Is your heat pump blowing cold air, leaving you confused and shivering at home? Unfortunately, this can often occur due to a number of different issues with your unit. But sometimes if you’re new to heat pumps, it’s possible that you’re simply not used to the cooler air a heat pump releases as compared to the gas or oil furnace you used in the past. The trick is determining which issue you’re dealing with—and if your heat pump is indeed blowing cold air, we can then start to figure out why.
Is Your Heat Pump Actually Blowing Cold Air?
A heat pump releases much cooler air than a furnace, leaving furnace users perplexed when they switch over and wondering if their new heating system is working as it should. Typically, a furnace releases air that’s between 130 and 140 degrees, while a heat pump running on first stage during a standard winter day might only release air that’s around 90 degrees.
When you put your hand over the heat pump, you may notice that the air feels cool. This happens because the temperature of the air it puts out is actually cooler than the temperature of your body (which is typically around 98 degrees). But because it’s still warmer than your house, it’s still heating it—just in a different way. While a furnace releases warmer air for short periods of time, a heat pump releases warm air that’s slightly cooler, but does so for long periods of time.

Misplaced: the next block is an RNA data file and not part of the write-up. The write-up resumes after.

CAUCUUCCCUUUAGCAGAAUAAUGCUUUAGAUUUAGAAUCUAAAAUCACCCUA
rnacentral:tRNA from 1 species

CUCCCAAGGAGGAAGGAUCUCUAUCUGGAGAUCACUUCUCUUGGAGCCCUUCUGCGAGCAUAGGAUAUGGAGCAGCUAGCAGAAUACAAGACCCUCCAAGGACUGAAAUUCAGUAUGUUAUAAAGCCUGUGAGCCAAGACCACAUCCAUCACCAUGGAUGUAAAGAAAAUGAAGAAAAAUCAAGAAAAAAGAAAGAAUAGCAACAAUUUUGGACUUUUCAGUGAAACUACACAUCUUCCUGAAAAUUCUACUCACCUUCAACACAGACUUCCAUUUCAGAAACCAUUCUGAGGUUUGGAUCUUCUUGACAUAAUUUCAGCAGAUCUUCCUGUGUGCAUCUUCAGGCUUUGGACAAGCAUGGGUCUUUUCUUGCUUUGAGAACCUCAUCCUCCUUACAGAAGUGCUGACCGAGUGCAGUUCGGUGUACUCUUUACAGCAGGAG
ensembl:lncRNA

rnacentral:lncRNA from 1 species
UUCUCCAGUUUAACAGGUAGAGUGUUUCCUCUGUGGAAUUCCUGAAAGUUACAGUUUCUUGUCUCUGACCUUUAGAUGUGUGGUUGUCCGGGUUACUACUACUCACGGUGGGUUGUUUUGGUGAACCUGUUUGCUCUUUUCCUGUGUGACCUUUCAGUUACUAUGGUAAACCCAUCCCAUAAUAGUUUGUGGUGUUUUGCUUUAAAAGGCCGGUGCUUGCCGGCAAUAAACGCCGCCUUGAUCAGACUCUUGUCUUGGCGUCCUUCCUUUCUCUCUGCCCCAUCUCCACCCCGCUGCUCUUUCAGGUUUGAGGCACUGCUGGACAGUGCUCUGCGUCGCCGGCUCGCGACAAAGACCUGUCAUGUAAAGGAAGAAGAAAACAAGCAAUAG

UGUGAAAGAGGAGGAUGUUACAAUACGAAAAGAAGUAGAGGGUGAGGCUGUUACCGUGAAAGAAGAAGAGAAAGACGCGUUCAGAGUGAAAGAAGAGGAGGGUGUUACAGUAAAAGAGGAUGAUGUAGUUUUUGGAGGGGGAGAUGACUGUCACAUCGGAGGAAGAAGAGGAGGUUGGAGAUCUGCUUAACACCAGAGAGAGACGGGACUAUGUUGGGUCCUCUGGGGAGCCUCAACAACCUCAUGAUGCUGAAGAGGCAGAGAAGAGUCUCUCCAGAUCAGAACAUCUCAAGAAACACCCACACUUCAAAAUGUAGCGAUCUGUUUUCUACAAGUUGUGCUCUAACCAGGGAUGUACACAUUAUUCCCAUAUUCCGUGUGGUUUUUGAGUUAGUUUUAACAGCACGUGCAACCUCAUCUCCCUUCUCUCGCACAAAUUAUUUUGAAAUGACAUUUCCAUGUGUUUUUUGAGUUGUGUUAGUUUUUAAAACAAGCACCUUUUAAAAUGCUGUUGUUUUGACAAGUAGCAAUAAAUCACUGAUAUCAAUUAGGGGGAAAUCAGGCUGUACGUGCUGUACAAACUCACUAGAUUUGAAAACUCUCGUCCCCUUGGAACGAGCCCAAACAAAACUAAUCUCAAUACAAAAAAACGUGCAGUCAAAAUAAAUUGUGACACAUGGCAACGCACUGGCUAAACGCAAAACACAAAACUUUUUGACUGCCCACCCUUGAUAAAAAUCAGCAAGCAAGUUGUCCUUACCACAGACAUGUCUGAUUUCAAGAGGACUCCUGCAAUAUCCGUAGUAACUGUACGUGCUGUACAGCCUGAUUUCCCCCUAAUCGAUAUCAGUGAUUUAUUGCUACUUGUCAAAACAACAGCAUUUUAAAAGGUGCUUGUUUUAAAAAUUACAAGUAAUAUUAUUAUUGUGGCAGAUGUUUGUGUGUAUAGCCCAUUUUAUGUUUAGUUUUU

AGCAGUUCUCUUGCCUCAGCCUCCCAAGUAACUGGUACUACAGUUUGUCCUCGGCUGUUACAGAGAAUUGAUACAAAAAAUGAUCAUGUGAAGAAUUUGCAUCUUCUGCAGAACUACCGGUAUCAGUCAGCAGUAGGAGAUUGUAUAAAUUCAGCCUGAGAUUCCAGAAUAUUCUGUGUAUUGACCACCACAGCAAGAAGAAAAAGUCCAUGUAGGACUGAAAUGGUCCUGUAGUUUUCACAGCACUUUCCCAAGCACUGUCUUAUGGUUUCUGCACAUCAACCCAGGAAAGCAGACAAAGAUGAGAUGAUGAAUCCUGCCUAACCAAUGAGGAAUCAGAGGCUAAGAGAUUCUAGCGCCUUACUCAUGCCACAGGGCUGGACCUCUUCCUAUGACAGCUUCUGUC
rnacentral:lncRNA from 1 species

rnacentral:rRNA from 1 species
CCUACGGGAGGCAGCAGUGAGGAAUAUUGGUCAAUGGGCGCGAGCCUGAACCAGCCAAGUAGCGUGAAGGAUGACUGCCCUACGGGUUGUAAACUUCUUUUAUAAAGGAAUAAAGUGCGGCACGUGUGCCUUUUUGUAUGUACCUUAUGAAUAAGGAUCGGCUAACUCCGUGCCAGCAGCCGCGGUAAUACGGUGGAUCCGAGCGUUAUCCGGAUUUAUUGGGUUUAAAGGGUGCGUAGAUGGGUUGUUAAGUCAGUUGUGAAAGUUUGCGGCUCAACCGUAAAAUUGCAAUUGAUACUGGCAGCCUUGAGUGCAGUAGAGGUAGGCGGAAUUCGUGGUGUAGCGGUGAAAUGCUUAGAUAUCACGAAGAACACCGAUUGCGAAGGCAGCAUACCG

Before you decide there’s a problem with your heat pump blowing cold air, be sure to consider this possibility. Try measuring the air temperature with a thermometer before you call an HVAC company for repairs to see if there is indeed a difference between the return temperature and the supply temperature.
Why Your Heat Pump Blows Cold Air
Though there are many potential reasons for your heat pump to blow cold air, some common causes include:
- Low refrigerant levels
- Problems with compressor valves
- Problems with reversing valve
- Compressor not running properly
- Running in air conditioner mode
- Duct leakage
- Iced up outdoor unit
- And more
Cleaning your ducts or having routine maintenance done can help to resolve smaller problems related to your heat pump blowing cold air. But bigger issues, like problems with your compressor, may require more significant repairs—or even a replacement if your unit is over 10-years-old. To determine the best solution for your heat pump in the Baltimore, MD area, call All Seasons Heating & Cooling today!